The Braves managed a split with the Nationals after Thursday’s 5-1 win at Truist Park. They did so behind a four-run sixth inning and the arm of starter Tucker Davidson.
Here are five takeaways from Thursday:
1. Davidson is pitching his way into more regular opportunities. The Braves’ lefty, promoted for a spot start, pitched well, holding the Nationals to one hit and no runs over 5-2/3 innings. He held the Nationals hitless for the first four innings. In the fifth, after the first two hitters reached, he retired the next three, without the runners even advancing. He exited with two on and two out in the sixth, with Josh Tomlin ending the frame by inducing a flyout by Victor Robles.
“I thought he was really good, just like he was the last time,” manager Brian Snitker said. “He was aggressive, stuff was live. He was throwing strikes. His slider has become a real pitch for him. I thought he was very aggressive all day. He threw a lot of strikes. Very impressive outing.”
Braves 5, Nationals 1 (box score)
2. Davidson was effective but walked five Nationals. Davidson’s control will make or break him as a starter. He’s been inconsistent throughout his minor-league career in that area, and he’s now walked 10 in his first 13-1/3 major-league innings. Nonetheless, there’s been more good than bad with the 25-year-old.
Among the positives: his slider. Davidson formerly was a fastball-curveball pitcher. Adding the slider has accelerated his ascent. The pitch was key in escaping danger in the fifth, when Davidson used it to strike out Alex Avila with two on and none out, eventually leading to a scoreless inning.
“It’s come so far, even from quarantine last year when I was really working on it, trying to find the shape and add velocity to it,” Davidson said. “It’s become a real weapon for me. It helps me get into counts when the curveball isn’t there or the fastball isn’t there. I can use it behind in the count or 3-2 or even a put-away pitch. It’s such a weapon for me. I’m still learning how to use it each outing. I can’t wait to see where it goes.”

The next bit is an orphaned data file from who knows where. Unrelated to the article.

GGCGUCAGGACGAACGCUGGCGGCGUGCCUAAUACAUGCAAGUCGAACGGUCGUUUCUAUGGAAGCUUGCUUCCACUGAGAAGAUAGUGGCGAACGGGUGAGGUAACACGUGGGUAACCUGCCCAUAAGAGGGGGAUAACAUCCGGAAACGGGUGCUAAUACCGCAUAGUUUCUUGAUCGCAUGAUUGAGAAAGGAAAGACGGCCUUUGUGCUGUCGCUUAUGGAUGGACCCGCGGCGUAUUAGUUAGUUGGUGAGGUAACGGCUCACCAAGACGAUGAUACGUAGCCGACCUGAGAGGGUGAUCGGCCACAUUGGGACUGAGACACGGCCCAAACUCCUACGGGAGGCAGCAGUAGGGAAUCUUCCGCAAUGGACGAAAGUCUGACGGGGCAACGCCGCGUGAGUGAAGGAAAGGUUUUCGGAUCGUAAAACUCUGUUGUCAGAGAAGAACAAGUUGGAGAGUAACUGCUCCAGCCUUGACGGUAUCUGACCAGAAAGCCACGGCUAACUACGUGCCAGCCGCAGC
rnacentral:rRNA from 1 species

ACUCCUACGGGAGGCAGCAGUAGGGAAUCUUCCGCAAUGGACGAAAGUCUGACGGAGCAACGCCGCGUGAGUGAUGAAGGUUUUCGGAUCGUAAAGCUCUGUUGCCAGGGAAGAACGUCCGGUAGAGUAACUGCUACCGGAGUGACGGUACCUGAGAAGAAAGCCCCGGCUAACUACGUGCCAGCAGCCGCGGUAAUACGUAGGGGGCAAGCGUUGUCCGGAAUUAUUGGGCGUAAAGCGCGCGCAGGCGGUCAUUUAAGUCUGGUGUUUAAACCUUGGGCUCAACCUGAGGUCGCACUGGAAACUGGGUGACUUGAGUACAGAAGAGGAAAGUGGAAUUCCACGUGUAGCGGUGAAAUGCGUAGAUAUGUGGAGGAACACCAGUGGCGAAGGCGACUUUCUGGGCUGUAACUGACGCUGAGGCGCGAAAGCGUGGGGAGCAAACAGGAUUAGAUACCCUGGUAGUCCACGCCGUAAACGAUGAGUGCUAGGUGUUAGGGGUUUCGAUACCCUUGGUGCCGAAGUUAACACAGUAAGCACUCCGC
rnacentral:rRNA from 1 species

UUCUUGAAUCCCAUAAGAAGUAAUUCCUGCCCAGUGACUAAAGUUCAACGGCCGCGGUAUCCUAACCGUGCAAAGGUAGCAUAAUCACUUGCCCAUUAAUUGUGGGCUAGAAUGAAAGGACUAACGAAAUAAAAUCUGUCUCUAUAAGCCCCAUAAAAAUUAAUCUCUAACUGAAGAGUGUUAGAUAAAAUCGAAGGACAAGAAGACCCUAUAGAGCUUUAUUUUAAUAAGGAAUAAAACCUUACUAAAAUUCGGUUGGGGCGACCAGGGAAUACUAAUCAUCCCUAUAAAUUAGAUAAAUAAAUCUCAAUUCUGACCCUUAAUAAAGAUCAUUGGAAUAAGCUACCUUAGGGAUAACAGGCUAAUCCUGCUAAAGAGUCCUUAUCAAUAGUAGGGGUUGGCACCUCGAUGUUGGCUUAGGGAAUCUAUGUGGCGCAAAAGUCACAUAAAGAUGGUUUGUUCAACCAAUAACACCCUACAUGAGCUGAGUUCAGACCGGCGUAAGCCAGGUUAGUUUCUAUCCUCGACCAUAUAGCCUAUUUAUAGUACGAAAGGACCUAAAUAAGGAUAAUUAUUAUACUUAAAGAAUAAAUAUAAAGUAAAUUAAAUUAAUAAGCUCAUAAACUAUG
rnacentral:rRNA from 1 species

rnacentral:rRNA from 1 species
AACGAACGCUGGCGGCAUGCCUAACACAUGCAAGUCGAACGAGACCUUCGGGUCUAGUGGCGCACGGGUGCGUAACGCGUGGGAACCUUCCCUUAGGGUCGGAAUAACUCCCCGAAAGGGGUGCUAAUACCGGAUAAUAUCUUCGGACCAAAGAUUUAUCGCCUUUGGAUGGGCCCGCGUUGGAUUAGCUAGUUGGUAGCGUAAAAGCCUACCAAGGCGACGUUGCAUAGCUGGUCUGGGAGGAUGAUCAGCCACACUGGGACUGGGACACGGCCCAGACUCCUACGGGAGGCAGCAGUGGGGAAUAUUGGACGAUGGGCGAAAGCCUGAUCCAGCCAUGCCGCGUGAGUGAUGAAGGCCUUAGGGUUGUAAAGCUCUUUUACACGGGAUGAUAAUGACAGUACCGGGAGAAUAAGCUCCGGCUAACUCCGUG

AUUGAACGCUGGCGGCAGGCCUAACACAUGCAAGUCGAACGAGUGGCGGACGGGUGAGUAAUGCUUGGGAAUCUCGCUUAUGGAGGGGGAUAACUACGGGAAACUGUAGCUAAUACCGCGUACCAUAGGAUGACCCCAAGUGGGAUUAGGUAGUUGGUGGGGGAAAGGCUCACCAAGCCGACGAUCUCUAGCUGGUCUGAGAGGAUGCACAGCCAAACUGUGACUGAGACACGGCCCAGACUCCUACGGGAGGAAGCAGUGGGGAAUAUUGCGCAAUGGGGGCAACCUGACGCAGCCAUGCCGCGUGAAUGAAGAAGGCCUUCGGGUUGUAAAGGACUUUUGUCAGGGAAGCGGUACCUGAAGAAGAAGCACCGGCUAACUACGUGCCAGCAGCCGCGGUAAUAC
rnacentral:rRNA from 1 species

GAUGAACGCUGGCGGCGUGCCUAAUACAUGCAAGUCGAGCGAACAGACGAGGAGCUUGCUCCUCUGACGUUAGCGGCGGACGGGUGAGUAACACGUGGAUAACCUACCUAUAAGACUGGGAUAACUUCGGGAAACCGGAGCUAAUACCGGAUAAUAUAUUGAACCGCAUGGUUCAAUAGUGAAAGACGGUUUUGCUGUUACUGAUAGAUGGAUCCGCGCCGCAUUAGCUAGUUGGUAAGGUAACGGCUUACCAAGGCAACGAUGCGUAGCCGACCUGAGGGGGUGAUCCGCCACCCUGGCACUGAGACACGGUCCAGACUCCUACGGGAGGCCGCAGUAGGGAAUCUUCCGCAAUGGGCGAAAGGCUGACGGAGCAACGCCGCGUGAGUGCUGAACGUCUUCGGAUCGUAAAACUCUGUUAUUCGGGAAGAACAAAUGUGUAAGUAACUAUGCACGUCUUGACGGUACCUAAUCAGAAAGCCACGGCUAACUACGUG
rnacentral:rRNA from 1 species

3. Nationals southpaw Patrick Corbin quieted the Braves through five innings, but the team finally solved him in the sixth, scoring four runs. Ronald Acuna’s single sparked the surge. Ozzie Albies followed with a hit, scoring Acuna for the game’s first run. Albies scored on Austin Riley’s double.
4. Two Braves recorded their 500th career hits Thursday. Shortstop Dansby Swanson, who’s sporting a career-best 12-game hitting streak, notched his 500th hit with a two-run homer to complete the Braves’ sixth-inning awakening.
Albies earned his 500th hit as well, lacing an RBI double off the wall in the seventh to cap his three-hit day. Albies has a hit in eight of his past 10 games, including six multi-hit efforts. Albies has seven hits in three games to start this month.
5. Riley made a clutch play at third base in the sixth. He snagged a hard-hit ball from Ryan Zimmerman that would’ve made it down the left-field line and possibly scored Josh Harrison from first. Instead, Riley fired a throw to second on his knee, getting the lead runner.
“Huge play,” Davidson said. “He’s played tremendous third base. Whenever those guys make those plays for you, you can’t do anything but smile and be so grateful that they’re over there. He’s hitting the ball well, he’s playing good third base, and I think the Braves found their third baseman for a while.”
Stat to know
24-15 (The Braves moved to 24-15 when their starter goes at least five innings)
“I’m trying to keep the momentum rolling, whether I’m here or in (Triple-A) Gwinnett. ... It’s a long season, and I know the way this game works, we’re going to need all the guys on the 40-man roster at some point this year. So whenever my opportunity calls, just be ready.” - Davidson
The Braves open a three-game series against the Dodgers on Friday. Ian Anderson, who faced the Dodgers twice during last October’s National League Championship Series, will start the opener against Dodgers southpaw Julio Urias.